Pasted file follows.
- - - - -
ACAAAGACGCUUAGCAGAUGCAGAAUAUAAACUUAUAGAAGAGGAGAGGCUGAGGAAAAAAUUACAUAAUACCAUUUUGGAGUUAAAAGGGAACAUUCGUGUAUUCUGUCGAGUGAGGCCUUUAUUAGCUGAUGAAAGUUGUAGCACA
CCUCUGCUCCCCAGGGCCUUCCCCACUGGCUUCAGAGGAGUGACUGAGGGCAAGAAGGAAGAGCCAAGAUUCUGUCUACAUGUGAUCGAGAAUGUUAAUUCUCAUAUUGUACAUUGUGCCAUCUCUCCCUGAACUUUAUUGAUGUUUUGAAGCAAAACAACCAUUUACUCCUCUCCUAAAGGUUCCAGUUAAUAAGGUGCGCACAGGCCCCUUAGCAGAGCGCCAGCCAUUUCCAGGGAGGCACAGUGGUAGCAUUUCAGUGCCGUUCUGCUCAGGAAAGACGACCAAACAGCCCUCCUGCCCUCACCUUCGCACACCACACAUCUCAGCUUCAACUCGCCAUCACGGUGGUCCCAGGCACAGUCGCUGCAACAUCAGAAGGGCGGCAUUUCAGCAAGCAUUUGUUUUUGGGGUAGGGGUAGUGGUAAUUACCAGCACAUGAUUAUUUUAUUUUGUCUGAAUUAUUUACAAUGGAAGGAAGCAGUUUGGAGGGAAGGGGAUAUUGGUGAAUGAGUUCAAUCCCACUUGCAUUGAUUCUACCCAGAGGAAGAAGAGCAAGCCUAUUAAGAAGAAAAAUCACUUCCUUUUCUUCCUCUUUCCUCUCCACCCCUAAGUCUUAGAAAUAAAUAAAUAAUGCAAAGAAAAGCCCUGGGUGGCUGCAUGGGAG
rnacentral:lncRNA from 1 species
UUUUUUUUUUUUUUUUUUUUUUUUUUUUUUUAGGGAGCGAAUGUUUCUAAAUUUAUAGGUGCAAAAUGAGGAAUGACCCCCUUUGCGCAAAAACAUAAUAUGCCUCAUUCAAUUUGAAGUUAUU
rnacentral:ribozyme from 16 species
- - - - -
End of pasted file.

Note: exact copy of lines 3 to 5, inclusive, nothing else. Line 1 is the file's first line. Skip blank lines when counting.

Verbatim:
rnacentral:lncRNA from 1 species
UUUUUUUUUUUUUUUUUUUUUUUUUUUUUUUAGGGAGCGAAUGUUUCUAAAUUUAUAGGUGCAAAAUGAGGAAUGACCCCCUUUGCGCAAAAACAUAAUAUGCCUCAUUCAAUUUGAAGUUAUU
rnacentral:ribozyme from 16 species